Featured by the New York Post as an authentic haven for French cuisine that stands apart from its competitors—a sea of pizzeria and takeout Chinese options—Le Bouchon woos diners with the complex bouquet of rich sauces and roasted meats that is chef Roman Nikhman's love letter to the French cooking tradition. Le Bouchon, which takes its name from the French word for wine cork, offers à la carte and banquet menus featuring sumptuous Gallic standards including foie gras drizzled with wild-berry port wine or a classic duck magret with a fig-port-wine reduction. Chef Nikhman's love for French cuisine began with its rich sauces, according to the Post, and the menu features mother sauces and reductions by the spoonful, all of which complement the broad palette of delectable proteins that include duck, lobster, escargot, and rich roasted portobello mushrooms. The knowledgeable staff can help diners choose a varietal from among the restaurant's colossal wine-barrel selection or the wine rack that takes up an entire wall, represented on a wine list 13 pages long.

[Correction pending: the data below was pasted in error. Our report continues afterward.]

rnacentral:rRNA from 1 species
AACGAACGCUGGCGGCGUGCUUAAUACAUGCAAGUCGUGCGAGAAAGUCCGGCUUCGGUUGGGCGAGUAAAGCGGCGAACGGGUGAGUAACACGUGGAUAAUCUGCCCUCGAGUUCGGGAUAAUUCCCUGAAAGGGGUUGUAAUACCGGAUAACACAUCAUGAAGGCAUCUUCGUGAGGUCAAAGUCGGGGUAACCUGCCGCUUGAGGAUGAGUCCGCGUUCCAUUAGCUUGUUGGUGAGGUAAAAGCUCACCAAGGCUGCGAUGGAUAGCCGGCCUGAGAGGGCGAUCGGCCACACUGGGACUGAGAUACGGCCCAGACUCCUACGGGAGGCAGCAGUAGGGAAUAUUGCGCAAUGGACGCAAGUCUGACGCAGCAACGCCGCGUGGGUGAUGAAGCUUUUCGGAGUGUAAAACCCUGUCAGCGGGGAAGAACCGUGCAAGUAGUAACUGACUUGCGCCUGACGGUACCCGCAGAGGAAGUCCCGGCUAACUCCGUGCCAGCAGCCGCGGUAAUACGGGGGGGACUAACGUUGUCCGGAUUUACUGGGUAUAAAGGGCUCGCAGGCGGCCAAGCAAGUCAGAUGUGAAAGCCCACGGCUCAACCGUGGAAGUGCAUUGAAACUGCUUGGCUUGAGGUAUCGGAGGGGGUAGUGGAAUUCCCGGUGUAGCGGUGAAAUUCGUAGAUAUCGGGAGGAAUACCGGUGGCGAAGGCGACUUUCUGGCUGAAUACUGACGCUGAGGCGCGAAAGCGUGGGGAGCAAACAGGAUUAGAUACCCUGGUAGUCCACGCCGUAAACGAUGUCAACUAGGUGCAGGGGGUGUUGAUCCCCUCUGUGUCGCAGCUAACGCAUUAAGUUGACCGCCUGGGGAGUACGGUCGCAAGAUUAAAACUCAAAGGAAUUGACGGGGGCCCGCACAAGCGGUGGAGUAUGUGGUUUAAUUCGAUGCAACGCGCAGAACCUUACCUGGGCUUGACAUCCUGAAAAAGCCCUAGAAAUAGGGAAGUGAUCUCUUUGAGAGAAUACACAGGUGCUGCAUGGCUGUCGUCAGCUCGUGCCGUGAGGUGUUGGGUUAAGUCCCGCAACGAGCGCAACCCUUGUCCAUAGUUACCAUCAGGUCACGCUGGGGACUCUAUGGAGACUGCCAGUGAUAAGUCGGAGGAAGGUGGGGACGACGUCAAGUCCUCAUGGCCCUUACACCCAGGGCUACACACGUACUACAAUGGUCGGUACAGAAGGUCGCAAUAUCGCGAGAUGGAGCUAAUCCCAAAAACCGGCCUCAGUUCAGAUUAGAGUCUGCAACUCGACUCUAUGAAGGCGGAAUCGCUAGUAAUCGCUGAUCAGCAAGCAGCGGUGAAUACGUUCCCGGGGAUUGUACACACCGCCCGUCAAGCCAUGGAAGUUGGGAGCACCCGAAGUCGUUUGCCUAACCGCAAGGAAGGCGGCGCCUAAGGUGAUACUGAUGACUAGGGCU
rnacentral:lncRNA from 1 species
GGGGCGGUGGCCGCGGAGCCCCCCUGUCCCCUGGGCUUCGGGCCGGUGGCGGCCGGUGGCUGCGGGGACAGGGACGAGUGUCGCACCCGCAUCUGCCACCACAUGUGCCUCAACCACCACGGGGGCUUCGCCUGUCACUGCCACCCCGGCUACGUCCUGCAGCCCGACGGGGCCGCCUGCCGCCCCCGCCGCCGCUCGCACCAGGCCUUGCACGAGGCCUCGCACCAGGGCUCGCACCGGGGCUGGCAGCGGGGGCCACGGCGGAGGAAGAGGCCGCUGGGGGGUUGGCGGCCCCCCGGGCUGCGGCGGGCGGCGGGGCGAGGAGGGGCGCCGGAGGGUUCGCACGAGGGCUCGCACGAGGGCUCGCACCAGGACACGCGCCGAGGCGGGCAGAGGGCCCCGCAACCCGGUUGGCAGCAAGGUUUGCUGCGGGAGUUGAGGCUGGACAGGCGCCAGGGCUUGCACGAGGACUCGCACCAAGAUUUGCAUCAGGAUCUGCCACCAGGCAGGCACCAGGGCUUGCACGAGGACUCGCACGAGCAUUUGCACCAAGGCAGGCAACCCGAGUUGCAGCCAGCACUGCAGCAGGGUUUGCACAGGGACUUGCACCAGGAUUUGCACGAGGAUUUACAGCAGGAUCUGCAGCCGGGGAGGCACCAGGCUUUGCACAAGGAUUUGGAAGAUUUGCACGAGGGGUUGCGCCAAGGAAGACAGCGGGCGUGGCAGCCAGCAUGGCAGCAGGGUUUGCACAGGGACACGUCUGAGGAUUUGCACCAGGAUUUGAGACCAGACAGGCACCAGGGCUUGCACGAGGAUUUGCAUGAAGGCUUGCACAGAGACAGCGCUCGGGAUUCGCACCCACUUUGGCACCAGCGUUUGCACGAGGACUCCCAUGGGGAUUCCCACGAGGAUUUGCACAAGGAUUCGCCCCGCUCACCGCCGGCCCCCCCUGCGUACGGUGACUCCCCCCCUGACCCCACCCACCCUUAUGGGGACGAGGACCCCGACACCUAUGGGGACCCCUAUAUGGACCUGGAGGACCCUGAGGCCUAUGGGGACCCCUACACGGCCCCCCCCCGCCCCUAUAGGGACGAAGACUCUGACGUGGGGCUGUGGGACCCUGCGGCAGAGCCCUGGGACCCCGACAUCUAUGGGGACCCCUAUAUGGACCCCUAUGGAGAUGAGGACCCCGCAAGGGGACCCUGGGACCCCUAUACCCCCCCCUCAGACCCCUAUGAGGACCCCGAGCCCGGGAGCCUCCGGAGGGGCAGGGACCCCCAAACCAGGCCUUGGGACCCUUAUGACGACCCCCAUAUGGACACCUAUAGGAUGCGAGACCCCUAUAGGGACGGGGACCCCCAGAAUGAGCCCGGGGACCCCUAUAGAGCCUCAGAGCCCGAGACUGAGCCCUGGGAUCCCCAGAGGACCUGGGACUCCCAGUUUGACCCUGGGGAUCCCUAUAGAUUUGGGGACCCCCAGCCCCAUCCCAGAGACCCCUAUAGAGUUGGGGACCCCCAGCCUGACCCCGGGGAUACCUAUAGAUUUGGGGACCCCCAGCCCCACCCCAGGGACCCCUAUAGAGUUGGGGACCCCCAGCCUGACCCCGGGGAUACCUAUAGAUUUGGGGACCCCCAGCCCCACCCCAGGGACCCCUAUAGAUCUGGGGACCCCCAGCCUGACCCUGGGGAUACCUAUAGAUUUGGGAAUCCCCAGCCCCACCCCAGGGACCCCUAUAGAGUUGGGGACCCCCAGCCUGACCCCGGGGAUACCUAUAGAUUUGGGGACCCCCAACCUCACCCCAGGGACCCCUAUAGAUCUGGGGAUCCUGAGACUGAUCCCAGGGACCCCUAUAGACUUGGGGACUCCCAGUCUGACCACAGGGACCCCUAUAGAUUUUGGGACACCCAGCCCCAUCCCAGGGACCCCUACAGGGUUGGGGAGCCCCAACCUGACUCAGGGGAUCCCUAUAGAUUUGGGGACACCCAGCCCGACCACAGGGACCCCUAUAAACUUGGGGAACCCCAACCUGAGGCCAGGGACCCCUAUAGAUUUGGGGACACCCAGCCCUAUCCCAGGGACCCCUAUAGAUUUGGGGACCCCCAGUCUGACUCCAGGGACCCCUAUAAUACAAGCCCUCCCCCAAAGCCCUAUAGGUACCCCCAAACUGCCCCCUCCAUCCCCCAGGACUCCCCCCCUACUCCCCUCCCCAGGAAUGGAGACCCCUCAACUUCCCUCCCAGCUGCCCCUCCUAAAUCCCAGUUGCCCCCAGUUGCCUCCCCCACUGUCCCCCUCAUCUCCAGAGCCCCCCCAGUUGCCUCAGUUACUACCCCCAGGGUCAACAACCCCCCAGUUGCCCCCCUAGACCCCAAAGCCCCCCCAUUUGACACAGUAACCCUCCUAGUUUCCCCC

2812 Ocean Ave
Brooklyn,
NY
US